Birds in Japan experiencing strange mutations, abnormal feather growth

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(NaturalNews) A researcher at the Yamashina Institute for Ornithology (a branch of zoology that focuses on the study of birds) who has studied fowl near the city of Fukushima since the March 11, 2011, earthquake and tsunami heavily damaged three nuclear power reactors there says he is noticing some changes among many of the region's birds, but he has yet to link those changes to radiation from the crippled plant.

According to the Asahi Shimbun, a Japanese daily newspaper, Nakamura has visited a riverbed where the Abukuma River runs through the city of Fukushima 20 times since the quake, as well as taken trips to the city of Minami-Soma and the village of Iitate, in the same prefecture. The purpose of the trips is to gather and record data after analyzing birds he catches every 30 minutes, usually beginning around 4:00 a.m.

The data he gathers includes species, gender, wingspan and physical condition; after recording the data, he tags the legs of the birds and releases them. This "bird banding survey," as he calls it, is being conducted with the goal of learning about the birds' ecologies, migration routes and other information, the paper said:

The survey starts at sunrise and lasts for six hours. But the birds do not get trapped in the net so easily. On May 24, the "results" consisted of 18 birds, including great reed warblers, bull-headed shrikes and common kingfishers. Other than a great reed warbler with a parasitic disease in the leg, there was nothing particularly odd about the birds.

"In Iitate, I caught a Japanese bush warbler in the net yesterday," he said. "It had feathers missing from the back of its head, and its skin was dark on that part. I found the same thing last year and the year before in Minami-Soma. I don't know the reason. I need to study this more. Maybe I'll catch a Japanese bush warbler today."

On that day, he did not, the paper said.

Weird changes as yet unexplainable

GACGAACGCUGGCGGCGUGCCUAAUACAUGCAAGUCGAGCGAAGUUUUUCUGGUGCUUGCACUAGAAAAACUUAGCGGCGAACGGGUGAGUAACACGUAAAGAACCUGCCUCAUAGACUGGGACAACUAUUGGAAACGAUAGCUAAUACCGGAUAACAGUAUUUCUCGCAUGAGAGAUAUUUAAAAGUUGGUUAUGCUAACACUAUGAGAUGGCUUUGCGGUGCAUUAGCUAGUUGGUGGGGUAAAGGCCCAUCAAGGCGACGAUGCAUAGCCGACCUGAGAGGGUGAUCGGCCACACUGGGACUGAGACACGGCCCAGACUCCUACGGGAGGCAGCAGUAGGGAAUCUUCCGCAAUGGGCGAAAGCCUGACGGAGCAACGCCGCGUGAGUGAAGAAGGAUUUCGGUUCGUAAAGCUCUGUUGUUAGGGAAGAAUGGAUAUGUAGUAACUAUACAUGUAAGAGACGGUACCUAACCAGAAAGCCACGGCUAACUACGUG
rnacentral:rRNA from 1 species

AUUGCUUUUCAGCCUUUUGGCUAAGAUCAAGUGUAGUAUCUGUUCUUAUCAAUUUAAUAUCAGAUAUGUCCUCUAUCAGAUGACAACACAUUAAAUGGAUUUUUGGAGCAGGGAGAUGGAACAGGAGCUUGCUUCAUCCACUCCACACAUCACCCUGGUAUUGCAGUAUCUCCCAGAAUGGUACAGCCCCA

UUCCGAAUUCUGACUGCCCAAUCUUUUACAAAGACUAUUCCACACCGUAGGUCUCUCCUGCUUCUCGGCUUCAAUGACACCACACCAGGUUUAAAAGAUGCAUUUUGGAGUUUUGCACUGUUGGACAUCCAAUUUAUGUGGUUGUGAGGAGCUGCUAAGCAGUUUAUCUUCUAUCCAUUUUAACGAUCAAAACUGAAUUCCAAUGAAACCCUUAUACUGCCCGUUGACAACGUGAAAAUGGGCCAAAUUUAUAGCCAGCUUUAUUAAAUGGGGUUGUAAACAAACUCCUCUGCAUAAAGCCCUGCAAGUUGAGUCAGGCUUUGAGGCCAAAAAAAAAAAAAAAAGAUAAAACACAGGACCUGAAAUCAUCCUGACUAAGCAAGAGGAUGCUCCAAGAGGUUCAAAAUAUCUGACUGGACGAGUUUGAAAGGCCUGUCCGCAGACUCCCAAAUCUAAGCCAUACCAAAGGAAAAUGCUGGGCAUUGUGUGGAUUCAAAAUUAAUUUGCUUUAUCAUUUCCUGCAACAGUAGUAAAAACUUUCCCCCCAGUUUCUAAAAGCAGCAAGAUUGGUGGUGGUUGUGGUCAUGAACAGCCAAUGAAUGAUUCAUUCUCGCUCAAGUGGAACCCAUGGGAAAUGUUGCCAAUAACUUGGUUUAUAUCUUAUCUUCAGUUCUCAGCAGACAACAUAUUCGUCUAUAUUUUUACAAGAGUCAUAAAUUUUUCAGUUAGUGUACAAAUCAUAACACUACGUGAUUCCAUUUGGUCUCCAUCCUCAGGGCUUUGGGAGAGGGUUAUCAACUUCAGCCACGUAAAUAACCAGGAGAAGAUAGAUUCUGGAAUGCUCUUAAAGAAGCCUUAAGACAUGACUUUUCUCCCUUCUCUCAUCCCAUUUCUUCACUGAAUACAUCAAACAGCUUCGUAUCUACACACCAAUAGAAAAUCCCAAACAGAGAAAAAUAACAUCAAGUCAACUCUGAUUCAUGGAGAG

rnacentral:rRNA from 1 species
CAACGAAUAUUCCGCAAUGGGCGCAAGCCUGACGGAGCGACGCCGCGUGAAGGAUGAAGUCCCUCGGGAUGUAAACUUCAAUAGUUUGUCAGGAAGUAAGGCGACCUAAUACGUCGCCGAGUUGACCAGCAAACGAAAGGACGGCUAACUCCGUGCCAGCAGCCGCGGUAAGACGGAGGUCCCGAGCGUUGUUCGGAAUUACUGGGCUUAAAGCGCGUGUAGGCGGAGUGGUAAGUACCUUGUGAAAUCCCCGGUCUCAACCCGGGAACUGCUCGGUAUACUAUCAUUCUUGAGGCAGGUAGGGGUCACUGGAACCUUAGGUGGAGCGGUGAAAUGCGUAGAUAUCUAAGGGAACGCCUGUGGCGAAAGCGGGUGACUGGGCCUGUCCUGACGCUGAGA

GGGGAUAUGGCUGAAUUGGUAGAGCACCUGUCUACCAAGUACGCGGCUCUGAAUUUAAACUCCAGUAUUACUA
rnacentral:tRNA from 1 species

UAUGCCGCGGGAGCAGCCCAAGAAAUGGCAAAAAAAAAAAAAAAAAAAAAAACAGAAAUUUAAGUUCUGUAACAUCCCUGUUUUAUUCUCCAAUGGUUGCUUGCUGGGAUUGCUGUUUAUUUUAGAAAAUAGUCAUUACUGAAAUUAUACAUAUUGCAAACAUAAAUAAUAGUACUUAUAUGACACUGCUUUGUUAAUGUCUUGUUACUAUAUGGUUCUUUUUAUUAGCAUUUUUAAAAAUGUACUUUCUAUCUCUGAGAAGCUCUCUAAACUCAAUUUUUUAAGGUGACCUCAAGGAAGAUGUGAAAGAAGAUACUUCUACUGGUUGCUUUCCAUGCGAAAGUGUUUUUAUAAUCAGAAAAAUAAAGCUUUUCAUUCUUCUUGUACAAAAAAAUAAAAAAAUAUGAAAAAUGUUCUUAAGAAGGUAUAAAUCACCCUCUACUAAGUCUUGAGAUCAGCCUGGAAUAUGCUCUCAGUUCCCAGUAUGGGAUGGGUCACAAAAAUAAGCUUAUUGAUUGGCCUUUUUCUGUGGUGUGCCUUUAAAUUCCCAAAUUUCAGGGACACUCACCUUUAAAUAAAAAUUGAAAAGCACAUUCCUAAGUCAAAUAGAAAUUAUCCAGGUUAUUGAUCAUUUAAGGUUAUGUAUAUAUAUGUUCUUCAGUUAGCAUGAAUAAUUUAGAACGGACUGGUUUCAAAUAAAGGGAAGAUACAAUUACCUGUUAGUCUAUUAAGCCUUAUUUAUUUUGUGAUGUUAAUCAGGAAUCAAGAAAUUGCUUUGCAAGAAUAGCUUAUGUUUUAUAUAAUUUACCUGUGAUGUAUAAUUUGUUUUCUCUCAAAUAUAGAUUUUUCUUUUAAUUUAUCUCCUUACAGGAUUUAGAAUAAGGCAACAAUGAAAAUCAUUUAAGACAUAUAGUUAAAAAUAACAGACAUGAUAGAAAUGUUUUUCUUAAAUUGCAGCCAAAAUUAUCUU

The institute's first documented abnormal change following the 9.0 magnitude quake came near a body of water in the Niigata Prefecture; on Oct. 24, 2011, a common reed bunting -- which is a small migratory species -- was found with uneven tail feathers which had a moth-eaten appearance.

Following the finding, the institute began conducting emergency surveys at 14 prefectures from the northeastern Tohoku region south to the Kyushu region.

"Bird banding surveys of the common reed bunting began in 1961, and nearly 480,000 of the birds have been examined," Kiyoaki Ozaki, deputy director-general of the institute, told the paper. "The tail feathers on the chicks and the adults have different shapes, so we monitor them closely. But this sort of abnormality hasn't been reported before. I've seen thousands of the birds, but it was the first time for me to see tail feathers like these."

The researchers say the most confusing aspect of their findings are overly long feathers. For instance, they note that the common reed bunting's body is normally around 15 cm long, and its feathers grow reliably to a certain length. Birds not yet fully grown may have shorter feathers, but Ozaki said he could not imagine any reason why they would be longer.

The scientists said that, by March 2012, a year after the incident, the same abnormality was found at all research sites across the country. The proportion of birds found with the abnormality stood at 13.8 percent.

'Not out of the realm of possibility' that changes are radiation-related

And in at least one place, the ratio exceeded one-quarter of all birds found; birds born in 2011 account for more than 97 percent of specimens with the abnormality.

The Asahi Shimbun further reported:

When feathers begin to grow, they are wrapped in a sheath-like structure. Researchers have found feathers that already appear moth-eaten when they split open the sheath. Some birds even grew back feathers with the same deformity after the researchers plucked out older, misshapen feathers.

"There is something unusual occurring inside the birds' bodies, perhaps with their genes or hormone secretion," Ozaki said. "That is a possibility, I think."

And yet the researchers say they don't yet know why. They do admit, however, that it is "in the realm of possibility" that the changes and abnormalities could be caused by radioactive fallout from the damaged power plant.

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